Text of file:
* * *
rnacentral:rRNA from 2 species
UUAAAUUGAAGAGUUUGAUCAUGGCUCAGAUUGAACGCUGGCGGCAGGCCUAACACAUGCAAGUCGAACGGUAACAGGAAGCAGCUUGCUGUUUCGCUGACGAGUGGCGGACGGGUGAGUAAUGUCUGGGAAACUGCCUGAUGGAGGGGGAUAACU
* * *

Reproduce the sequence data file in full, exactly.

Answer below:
rnacentral:rRNA from 2 species
UUAAAUUGAAGAGUUUGAUCAUGGCUCAGAUUGAACGCUGGCGGCAGGCCUAACACAUGCAAGUCGAACGGUAACAGGAAGCAGCUUGCUGUUUCGCUGACGAGUGGCGGACGGGUGAGUAAUGUCUGGGAAACUGCCUGAUGGAGGGGGAUAACU